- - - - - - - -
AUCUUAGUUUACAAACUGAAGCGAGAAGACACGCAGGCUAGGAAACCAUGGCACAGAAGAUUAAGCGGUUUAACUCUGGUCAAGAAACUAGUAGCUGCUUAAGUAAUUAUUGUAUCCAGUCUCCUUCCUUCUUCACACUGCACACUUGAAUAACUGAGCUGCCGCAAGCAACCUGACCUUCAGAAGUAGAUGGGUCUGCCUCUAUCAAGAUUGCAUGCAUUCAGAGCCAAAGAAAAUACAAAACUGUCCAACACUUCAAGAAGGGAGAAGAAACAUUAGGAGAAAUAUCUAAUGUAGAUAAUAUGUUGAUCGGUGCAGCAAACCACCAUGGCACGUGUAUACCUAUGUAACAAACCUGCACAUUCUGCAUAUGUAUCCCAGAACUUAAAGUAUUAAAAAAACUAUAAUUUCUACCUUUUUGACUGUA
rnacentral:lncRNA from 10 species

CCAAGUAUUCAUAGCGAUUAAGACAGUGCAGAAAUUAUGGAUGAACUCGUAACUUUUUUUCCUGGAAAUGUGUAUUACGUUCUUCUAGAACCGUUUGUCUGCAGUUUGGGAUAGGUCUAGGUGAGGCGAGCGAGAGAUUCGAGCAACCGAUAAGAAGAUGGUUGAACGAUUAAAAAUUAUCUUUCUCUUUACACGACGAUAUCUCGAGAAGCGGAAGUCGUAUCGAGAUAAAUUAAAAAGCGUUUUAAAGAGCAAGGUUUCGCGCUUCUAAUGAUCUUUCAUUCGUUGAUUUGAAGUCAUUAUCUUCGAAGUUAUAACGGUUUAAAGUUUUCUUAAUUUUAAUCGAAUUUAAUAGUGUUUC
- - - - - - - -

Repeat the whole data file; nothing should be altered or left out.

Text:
AUCUUAGUUUACAAACUGAAGCGAGAAGACACGCAGGCUAGGAAACCAUGGCACAGAAGAUUAAGCGGUUUAACUCUGGUCAAGAAACUAGUAGCUGCUUAAGUAAUUAUUGUAUCCAGUCUCCUUCCUUCUUCACACUGCACACUUGAAUAACUGAGCUGCCGCAAGCAACCUGACCUUCAGAAGUAGAUGGGUCUGCCUCUAUCAAGAUUGCAUGCAUUCAGAGCCAAAGAAAAUACAAAACUGUCCAACACUUCAAGAAGGGAGAAGAAACAUUAGGAGAAAUAUCUAAUGUAGAUAAUAUGUUGAUCGGUGCAGCAAACCACCAUGGCACGUGUAUACCUAUGUAACAAACCUGCACAUUCUGCAUAUGUAUCCCAGAACUUAAAGUAUUAAAAAAACUAUAAUUUCUACCUUUUUGACUGUA
rnacentral:lncRNA from 10 species

CCAAGUAUUCAUAGCGAUUAAGACAGUGCAGAAAUUAUGGAUGAACUCGUAACUUUUUUUCCUGGAAAUGUGUAUUACGUUCUUCUAGAACCGUUUGUCUGCAGUUUGGGAUAGGUCUAGGUGAGGCGAGCGAGAGAUUCGAGCAACCGAUAAGAAGAUGGUUGAACGAUUAAAAAUUAUCUUUCUCUUUACACGACGAUAUCUCGAGAAGCGGAAGUCGUAUCGAGAUAAAUUAAAAAGCGUUUUAAAGAGCAAGGUUUCGCGCUUCUAAUGAUCUUUCAUUCGUUGAUUUGAAGUCAUUAUCUUCGAAGUUAUAACGGUUUAAAGUUUUCUUAAUUUUAAUCGAAUUUAAUAGUGUUUC